Insecurity can be tackled at local government areas –Moyosore Ogunlewe

Moyosore Ogunlewe, son of former Minister of Works, Senator Adeseye Ogunlewe, started his political career from age 10. While Moyo is eyeing the chairmanship of Kosofe Local Government in Lagos State under the All Progressives Congress (APC), he wants the third arm of government to be strengthened for better performance. Speaking in an interview with OLADIPUPO AWOJOBI, Ogunlewe urged youths to embrace politics at the grassroots.

Why do you want to be a local government chairman at this point in time?

It is about service. The local government is the third arm of government, it has to do with the people at the grassroots, the Iyalojas, the Imams, traditional rulers and youths. With my closeness to these set of people, I believe that if I win the party’s ticket, it will be a relief to the people. I am closer to them, I know them one on one. As you can see, I have contested twice in Kosofe Local Government and you could see the number of votes that I was able to get. That tells you that I am the best man for the job.

What are those things that stand you out among the other contestants?

For me, I have contested election twice in the area and I know the terrain very well. I know where the Yorubas, Hausas and the Igbos are. I know where the Ijebus and the Aworis are. I am very close to these people, so it won’t be a problem governing the council as far as I am concerned; it’s about grassroots politics. I know I have a better chance if I’m given the opportunity by the people and the All Progressives Congress (APC) to take the local government to greater heights.

What is your opinion about grassroots development in Nigeria, are we getting it right?

Yes, that is why they need people like us. The problem that we have in this country has to do with insecurity and it starts from the local government. If someone that they know is the local government chairman, then there would be no crisis at all. The insecurity problem in the north, west, east and south is from the local government. It’s from the interior, from the rural parts. You see people gathering in small places, planning attacks. If you have a local government chairman that is well known to them, then there would be no problem. He would call on them, empower them and give them something to do, and there would be no problem. It is about engaging these people. If you engage them properly, and attend to them you will get the best from them. So we need to attend to these people.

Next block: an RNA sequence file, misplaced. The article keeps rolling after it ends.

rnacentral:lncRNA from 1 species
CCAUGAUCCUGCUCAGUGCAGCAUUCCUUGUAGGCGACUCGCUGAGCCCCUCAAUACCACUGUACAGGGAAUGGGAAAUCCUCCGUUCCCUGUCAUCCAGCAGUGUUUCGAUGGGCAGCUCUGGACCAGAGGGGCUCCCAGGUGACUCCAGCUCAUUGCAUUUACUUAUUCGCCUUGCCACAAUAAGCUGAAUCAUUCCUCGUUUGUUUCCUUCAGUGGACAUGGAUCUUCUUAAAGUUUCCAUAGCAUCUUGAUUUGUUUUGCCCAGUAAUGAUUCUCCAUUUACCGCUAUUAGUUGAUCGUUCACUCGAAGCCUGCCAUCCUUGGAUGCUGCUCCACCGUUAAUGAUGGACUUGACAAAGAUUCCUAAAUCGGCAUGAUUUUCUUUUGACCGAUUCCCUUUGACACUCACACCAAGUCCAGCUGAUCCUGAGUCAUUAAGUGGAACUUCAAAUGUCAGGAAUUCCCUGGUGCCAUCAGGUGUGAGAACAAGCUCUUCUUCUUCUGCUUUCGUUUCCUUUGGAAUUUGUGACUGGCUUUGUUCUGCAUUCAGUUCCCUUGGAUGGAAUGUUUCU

Don’t you think there should be a synergy between traditional rulers and local government chairmen?

That’s the issue, the traditional rulers, the Imams and Pastors know the people in their areas. They know when they have new faces in their areas. They know the families, they know the fathers, the mothers and everybody. So we must synergise the local government, traditional rulers, Imams and meet with them regularly. They have a lot of information to give the local government chairman. He will just be doing his work and do some things. But engaging these people will give you more insights into what is happening in the local government. Governance is not rocket science, you just have to know what to do.

What are those things that you think should be urgently addressed in Kosofe Local Government?

What I would first address is security. The security in the local government needs to be addressed. We will still go back to the traditional rulers, those that are closer to the people, the chairmen of CDAs, chairmen of CDC and others. They know these people, let them give us reports on them and how we can make things better. We will also look at youth empowerment, a lot of youths are out of job. If you look at the issue of #EndSARS, it was a youth thing, that tells you that youths are getting aware of the things around them. But the question is who is attending to them? I am not saying that I am a Messiah, but you will see a cordial relationship between me and them because of my age and I know the terrain very well. The traditional rulers know them and we know how to communicate with them. We need to get to them and meet with them, which is how to move this country forward. So, the local government should be entrusted to people that really know the community.